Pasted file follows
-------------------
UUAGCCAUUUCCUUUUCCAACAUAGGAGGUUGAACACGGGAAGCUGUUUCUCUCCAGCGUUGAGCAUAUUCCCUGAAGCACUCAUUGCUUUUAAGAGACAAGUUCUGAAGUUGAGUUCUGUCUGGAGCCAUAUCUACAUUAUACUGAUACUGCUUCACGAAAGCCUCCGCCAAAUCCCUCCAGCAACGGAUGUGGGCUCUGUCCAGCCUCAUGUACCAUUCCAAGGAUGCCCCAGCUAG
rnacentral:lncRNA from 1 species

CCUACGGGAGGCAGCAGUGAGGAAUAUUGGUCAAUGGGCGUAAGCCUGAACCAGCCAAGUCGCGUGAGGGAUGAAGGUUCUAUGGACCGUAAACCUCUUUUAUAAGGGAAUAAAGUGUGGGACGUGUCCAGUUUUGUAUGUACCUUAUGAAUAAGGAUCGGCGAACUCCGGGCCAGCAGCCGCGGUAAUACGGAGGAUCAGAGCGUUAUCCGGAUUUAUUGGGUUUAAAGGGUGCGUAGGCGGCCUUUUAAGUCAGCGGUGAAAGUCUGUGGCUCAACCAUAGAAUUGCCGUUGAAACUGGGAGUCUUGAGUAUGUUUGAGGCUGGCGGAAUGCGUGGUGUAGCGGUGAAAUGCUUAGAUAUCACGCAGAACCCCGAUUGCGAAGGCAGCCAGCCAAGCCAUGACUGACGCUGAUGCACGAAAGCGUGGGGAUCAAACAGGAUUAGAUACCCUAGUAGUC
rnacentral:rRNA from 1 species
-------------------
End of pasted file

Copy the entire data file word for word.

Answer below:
UUAGCCAUUUCCUUUUCCAACAUAGGAGGUUGAACACGGGAAGCUGUUUCUCUCCAGCGUUGAGCAUAUUCCCUGAAGCACUCAUUGCUUUUAAGAGACAAGUUCUGAAGUUGAGUUCUGUCUGGAGCCAUAUCUACAUUAUACUGAUACUGCUUCACGAAAGCCUCCGCCAAAUCCCUCCAGCAACGGAUGUGGGCUCUGUCCAGCCUCAUGUACCAUUCCAAGGAUGCCCCAGCUAG
rnacentral:lncRNA from 1 species

CCUACGGGAGGCAGCAGUGAGGAAUAUUGGUCAAUGGGCGUAAGCCUGAACCAGCCAAGUCGCGUGAGGGAUGAAGGUUCUAUGGACCGUAAACCUCUUUUAUAAGGGAAUAAAGUGUGGGACGUGUCCAGUUUUGUAUGUACCUUAUGAAUAAGGAUCGGCGAACUCCGGGCCAGCAGCCGCGGUAAUACGGAGGAUCAGAGCGUUAUCCGGAUUUAUUGGGUUUAAAGGGUGCGUAGGCGGCCUUUUAAGUCAGCGGUGAAAGUCUGUGGCUCAACCAUAGAAUUGCCGUUGAAACUGGGAGUCUUGAGUAUGUUUGAGGCUGGCGGAAUGCGUGGUGUAGCGGUGAAAUGCUUAGAUAUCACGCAGAACCCCGAUUGCGAAGGCAGCCAGCCAAGCCAUGACUGACGCUGAUGCACGAAAGCGUGGGGAUCAAACAGGAUUAGAUACCCUAGUAGUC
rnacentral:rRNA from 1 species